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City’s Blunders Threaten Beloved KC Farm

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Urbavore Urban Farm is one of the largest and longest-standing urban farms in the Kansas City region. Along with our sister business, Compost Collective KC, Urbavore has a substantial impact on Kansas City. We feed thousands of people each year, we compost well over one million pounds of food waste annually, and we create climate resilience for our region!

Our farm received four violations from the City of KCMO this spring based on ongoing complaints by a few neighbors. These violations contradict prior zoning approvals from the City, and will be costly for Urbavore to correct. The violations also threaten the broader urban farming community by setting a negative precedent for community composting and urban farm stands at-large.

We created this page so that anyone can see the facts for themselves, ranging from the violation notices to the City’s 2021 compliance determination for our composting expansion to the text of the actual zoning code. You don’t have to dig very deep to find that the City’s violations are baseless.

We also give you some resources to support our fight as we continue onward! Winning this fight will require community support both in numbers, as well as in dollars. Thank you for doing whatever you can to help! Local food security & climate resilience in Kansas City depends on it!

Most Recent Updates:

We need as many of you as possible to show up to a Board of Zoning Adjustment Hearing this Wednesday 7/10 at City Hall, 10th Floor.

The proceedings begin at 9:00 AM but we are 12th on the docket, so we have no idea when the case will actually be heard. We will do our best to post via Facebook / Instagram with timing updates.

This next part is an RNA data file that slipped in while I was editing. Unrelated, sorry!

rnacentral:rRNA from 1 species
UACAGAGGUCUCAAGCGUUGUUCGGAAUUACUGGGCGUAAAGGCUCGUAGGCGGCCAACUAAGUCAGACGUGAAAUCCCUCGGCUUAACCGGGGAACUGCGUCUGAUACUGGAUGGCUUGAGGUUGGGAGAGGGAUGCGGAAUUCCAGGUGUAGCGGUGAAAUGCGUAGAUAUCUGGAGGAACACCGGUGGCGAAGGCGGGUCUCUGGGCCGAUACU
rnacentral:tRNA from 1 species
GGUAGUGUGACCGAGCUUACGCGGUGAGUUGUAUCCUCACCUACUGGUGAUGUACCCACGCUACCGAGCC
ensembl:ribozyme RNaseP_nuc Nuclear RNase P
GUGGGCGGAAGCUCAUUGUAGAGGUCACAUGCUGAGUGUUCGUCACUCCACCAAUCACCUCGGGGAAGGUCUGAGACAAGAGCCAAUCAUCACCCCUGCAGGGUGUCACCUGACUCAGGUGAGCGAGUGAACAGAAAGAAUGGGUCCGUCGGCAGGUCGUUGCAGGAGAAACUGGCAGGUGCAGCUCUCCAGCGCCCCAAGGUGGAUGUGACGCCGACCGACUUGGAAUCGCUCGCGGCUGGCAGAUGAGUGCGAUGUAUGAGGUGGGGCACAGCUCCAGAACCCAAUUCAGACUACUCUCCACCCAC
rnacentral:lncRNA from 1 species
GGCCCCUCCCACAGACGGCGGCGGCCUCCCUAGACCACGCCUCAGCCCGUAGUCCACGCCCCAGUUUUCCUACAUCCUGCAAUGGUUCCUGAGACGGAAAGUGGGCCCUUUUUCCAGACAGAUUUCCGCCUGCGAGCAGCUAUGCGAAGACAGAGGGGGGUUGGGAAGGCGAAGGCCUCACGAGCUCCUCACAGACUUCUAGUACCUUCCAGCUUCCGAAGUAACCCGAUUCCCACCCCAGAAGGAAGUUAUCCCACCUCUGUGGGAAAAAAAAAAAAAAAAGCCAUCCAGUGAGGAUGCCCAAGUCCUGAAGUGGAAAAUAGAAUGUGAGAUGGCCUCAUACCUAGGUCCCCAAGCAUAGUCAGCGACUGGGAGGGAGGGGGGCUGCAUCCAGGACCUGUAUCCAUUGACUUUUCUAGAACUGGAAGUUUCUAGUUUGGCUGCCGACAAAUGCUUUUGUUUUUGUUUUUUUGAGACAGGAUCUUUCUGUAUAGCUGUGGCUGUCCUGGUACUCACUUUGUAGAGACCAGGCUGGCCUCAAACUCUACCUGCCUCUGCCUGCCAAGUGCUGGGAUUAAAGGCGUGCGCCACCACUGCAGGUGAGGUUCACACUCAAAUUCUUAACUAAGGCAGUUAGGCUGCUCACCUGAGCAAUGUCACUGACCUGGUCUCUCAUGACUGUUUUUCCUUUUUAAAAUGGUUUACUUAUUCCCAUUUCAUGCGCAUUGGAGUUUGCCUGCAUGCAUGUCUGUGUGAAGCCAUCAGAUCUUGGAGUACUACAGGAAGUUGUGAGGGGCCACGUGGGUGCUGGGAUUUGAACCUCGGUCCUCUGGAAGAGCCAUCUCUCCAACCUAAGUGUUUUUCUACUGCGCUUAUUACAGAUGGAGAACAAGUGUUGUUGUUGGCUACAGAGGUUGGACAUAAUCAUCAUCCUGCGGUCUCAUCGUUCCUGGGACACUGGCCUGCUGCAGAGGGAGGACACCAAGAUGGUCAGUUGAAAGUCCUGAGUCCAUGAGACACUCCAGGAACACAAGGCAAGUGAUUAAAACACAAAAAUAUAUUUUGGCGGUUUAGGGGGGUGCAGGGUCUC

THIS PARTICULAR HEARING on Wednesday is the follow-up Board of Zoning Adjustment (BZA) hearing to the original event that took place on January 9th when we appealed the four violations leveled against us in May of 2023. These violations included the Community Compost Site that we had formally been approved for in 2021 by the City Planning & Development Dept. and by the State. In that hearing, we expected that the indisputable evidence we presented would more than easily prove our innocence and that the violations would be dropped. We were sorely disappointed.

The conclusion was that the Board granted us a 6-month Continuance and asked two things of us:

  • To pursue & submit a Master Plan Development Re-Zoning Application (which we did with a 65K price tag)
  • To put into place some traffic reduction efforts (which we’ve done) through alternative pick-up times/locations and member carpooling.

This hearing should be a formality in which the Board simply says, “okay, you clearly did what we asked & we’ll see you again in 6 months after the Master Plan has had time to go through the processes of approval/denial”. But because all other processes with the City have not followed legal procedure, we are expecting a curveball, and need to be prepared with HUNDREDS OF SUPPORTERS physically present as well as heart-felt testimonies from key people.

3/20/24 Update:

Urbavore is raising funds for the Master Plan Development rezoning required to continue operations.

Dearest Supporters:

We are pained to share that our January Hearing before the Board of Zoning Adjustment (Part 1 2:30:00 – 4:53:22; Part 2 0:00-45:00) did nothing to improve our situation, and forces us to pursue the expensive Master Plan Development rezoning. The application for that rezoning requires costly professional services that could cost us as much as $65,000 – that’s just to submit the application. We are RAISING FUNDS to pay for this mess that has been foisted upon us by the City, and we humbly request donations from anyone who has the means. We are prideful people and REALLY don’t like asking for money, but we appreciate your support, and hope you see our work as “worth it”!

Use the video links above to view each captivating hour of our circus-like hearing before the Board of Zoning Adjustment. You’ll see that we made a very compelling case, based on facts that prove our compliance. But as one of our customers said, “Facts are useless unless they’re considered.” And in the case of this board, they failed to acknowledge the clear-cut case that they were presented with. Instead, they heard the forceful complaints of a few neighbors above the abundant support from the majority of our community. Just a glance at our supporter map below – underpinned with letters of support – should have created a truer picture for this board. They had the power to remove these violations based on all of the legal evidence with which they were presented. They chose instead to continue us down the expensive path of rezoning (passing the decision-making responsibility to a different board).